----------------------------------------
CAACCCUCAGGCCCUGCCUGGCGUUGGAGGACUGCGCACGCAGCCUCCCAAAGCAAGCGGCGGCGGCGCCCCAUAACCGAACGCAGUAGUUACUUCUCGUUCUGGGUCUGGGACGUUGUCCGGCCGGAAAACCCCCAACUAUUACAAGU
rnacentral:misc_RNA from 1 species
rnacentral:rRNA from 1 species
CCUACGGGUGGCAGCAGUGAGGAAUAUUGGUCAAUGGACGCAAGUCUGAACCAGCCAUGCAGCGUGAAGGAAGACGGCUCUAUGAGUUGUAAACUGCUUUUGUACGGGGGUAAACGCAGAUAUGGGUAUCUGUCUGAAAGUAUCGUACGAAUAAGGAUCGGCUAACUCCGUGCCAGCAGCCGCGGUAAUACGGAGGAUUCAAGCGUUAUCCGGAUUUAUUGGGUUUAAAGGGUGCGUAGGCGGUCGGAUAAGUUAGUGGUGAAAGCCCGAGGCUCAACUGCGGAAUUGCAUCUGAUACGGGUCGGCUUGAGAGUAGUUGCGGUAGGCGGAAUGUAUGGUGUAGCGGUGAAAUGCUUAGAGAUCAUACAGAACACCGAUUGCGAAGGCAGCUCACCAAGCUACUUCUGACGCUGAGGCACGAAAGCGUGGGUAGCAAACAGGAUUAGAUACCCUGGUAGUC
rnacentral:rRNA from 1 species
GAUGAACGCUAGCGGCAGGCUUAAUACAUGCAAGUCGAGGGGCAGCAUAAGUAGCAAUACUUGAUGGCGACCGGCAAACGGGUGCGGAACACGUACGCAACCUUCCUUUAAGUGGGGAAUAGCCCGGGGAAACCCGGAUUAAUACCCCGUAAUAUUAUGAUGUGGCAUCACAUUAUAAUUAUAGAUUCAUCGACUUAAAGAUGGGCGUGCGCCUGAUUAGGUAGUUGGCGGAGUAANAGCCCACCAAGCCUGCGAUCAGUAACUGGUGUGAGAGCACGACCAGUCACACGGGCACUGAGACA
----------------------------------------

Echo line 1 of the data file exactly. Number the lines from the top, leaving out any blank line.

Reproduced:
CAACCCUCAGGCCCUGCCUGGCGUUGGAGGACUGCGCACGCAGCCUCCCAAAGCAAGCGGCGGCGGCGCCCCAUAACCGAACGCAGUAGUUACUUCUCGUUCUGGGUCUGGGACGUUGUCCGGCCGGAAAACCCCCAACUAUUACAAGU